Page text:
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Record heat in California could interfere with your Fourth of July guacamole

An avocado hangs from a tree at a farm in Pauma Valley on March 5, 2014 near Valley Center, California.
David McNew | Getty Images
An avocado hangs from a tree at a farm in Pauma Valley on March 5, 2014 near Valley Center, California.

Those hoping to make guacamole this Fourth of July weekend could be out of luck — at least, if they were planning to use avocados grown in California.

Triple-digit temperatures in the southern part of that state last week scorched the crops of some avocado growers in the area, resulting in a shortage right before what is a typically big sales period for the fruit, according to the Los Angles Times.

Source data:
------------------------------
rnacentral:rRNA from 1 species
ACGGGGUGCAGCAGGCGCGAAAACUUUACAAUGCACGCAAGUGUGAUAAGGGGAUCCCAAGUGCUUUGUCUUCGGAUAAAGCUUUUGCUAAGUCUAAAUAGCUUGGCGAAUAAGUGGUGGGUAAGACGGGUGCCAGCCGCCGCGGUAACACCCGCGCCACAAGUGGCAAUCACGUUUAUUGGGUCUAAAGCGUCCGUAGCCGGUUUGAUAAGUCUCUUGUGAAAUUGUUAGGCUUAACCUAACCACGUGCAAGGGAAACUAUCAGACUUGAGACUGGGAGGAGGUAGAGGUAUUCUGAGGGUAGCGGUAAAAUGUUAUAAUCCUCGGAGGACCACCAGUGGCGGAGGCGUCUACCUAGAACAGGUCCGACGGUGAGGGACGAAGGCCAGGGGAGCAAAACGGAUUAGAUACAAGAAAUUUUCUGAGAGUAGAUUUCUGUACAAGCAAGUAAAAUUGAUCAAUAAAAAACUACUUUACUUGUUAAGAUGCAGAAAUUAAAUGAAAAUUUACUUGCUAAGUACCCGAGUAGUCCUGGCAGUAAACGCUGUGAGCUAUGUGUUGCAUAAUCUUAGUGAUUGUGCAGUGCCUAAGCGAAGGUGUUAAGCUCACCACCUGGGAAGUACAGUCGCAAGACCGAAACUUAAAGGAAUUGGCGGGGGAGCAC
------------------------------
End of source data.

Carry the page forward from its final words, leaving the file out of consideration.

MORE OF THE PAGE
The heatwave is yet another setback for these farmers, who have already faced water and labor shortages and competition from Mexican avocado growers, who currently hold 80 percent of the U.S. Market, according to the Times.

While the high temperatures will likely result in fewer — and therefore, pricier — California avocados being sold for July 4th, the industry is not yet sure how prolonged the aftermath will be.

"After the heat, it takes a while for the effects to manifest themselves, so at this point, we're uncertain if there is a loss or not to next year's crop," Tom Bellamore, president of the California Avocado Commission, told the Times.

Read the full report from the Los Angeles Times.